Yes, the daily horrors we hear about are disturbing, disheartening and sickening. Anyone who expected an antiseptic, science fiction invasion and aftermath was simply delusional -- and that includes the Bush administration officials who played into that mindset in a desperate PR gambit.

And I don't disagree that Bush and Co. screwed up the planning in the aftermath of the invasion -- Rumsfeld clearly ignored advice from Pentagon brass to put more boots on the ground, both before and after.

This, too, I have repeatedly said.

However, I simply disagree that things were any better before we invaded. Surely I do not have to revisit the genocidal and ecological nightmares of the Orwellian, Baathist charnel house that existed before we invaded. Surely you would agree that Iraq was hellish in the decades before we invaded. Surely you would agree that Saddam had shown a notable propensity for threatening the entire region, for launching ballistic missiles on a whim, and had even carried out genocidal attacks.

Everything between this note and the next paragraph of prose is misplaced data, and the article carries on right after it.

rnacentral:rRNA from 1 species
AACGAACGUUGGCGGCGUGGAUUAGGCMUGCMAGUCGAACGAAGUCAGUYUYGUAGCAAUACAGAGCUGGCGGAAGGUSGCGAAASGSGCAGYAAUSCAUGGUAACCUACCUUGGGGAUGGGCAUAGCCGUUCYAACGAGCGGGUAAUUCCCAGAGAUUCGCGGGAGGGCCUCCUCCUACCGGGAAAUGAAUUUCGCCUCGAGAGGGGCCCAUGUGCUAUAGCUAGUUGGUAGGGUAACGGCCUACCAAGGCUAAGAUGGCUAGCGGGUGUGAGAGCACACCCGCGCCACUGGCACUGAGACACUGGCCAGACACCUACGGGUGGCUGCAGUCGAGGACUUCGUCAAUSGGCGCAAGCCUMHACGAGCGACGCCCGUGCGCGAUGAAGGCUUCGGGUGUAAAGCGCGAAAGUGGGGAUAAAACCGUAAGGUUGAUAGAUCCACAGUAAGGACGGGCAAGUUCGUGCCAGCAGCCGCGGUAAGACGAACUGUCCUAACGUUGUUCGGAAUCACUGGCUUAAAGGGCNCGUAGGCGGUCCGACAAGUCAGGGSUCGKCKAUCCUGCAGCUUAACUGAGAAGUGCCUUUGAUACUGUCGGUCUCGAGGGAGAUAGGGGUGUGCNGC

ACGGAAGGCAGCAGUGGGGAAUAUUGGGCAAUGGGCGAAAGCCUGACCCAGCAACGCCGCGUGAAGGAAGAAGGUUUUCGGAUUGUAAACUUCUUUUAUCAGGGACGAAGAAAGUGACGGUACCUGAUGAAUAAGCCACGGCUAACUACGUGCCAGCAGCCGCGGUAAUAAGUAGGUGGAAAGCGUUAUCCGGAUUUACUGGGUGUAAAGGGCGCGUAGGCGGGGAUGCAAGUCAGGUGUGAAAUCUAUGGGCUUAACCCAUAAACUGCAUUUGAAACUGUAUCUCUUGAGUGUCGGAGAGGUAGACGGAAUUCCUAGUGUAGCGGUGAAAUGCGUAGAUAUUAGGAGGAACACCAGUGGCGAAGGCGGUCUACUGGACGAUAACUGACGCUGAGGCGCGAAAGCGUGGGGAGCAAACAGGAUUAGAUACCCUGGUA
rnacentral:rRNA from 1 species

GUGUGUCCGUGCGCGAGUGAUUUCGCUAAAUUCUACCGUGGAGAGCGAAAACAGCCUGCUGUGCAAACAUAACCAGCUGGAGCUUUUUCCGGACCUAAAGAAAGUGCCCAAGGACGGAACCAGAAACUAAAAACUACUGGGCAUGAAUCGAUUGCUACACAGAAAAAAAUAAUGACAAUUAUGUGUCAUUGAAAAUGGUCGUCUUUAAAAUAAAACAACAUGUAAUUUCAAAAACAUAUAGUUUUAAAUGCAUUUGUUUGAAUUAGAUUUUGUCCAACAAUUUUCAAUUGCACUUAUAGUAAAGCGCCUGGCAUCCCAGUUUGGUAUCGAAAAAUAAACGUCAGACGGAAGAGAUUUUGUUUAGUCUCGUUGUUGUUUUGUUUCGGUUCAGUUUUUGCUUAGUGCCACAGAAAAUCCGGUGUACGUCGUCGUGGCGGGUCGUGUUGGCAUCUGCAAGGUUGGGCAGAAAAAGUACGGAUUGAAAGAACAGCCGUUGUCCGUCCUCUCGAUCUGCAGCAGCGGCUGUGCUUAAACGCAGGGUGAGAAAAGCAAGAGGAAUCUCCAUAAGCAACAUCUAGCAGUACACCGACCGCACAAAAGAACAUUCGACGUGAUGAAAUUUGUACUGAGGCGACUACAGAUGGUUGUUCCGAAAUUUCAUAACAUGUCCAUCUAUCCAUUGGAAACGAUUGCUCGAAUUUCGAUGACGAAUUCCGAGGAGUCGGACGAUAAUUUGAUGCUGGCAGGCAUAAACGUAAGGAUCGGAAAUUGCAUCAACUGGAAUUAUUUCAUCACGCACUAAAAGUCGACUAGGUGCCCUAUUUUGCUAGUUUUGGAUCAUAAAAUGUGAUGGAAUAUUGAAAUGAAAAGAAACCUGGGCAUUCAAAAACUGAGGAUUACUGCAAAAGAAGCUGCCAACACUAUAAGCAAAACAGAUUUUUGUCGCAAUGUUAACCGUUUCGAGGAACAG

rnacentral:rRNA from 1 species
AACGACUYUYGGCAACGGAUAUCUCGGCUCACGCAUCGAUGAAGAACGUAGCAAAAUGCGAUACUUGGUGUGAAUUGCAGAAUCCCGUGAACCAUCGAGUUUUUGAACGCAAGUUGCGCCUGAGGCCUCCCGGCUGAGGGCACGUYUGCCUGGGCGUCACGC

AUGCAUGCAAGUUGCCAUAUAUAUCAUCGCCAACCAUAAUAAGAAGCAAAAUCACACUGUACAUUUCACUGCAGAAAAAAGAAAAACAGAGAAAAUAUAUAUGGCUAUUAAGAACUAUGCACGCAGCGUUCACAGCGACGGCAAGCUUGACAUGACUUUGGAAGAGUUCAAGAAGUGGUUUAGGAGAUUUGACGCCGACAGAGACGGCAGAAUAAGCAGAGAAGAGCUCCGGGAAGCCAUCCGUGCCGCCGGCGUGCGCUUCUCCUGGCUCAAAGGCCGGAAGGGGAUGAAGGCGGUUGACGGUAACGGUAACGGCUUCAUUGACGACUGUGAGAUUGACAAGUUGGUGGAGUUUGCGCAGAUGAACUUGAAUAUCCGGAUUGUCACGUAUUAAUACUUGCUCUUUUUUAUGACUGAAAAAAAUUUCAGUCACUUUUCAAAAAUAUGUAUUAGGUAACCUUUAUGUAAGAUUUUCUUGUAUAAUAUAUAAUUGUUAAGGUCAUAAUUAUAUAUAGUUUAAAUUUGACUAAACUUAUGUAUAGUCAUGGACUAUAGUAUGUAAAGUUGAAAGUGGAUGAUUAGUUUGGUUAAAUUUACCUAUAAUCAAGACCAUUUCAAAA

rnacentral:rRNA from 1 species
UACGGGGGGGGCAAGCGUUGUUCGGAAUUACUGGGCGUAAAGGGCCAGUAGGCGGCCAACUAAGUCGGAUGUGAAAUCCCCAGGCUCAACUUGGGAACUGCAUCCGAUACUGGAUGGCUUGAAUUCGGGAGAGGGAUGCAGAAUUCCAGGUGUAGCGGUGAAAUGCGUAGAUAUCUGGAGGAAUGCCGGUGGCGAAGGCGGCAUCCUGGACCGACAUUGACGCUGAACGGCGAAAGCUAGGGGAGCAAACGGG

And I'm not arguing that we've actually improved things -- though one could easily argue that a fledgling democracy, no matter how imperfect and bloody, is always an improvement over the unremitting hostility of an aggressive and adventurous totalitarian regime.

But after all the heartache, missed opportunities, bungling and pure ugliness (such as Abu Ghraib) I still have not read a solid logical case on Huffington Post or Moveon.org or Daily Kos or any other number of such places to show me that forestalling an inevitable confrontation with Saddam would have put us in a better situation than we are now.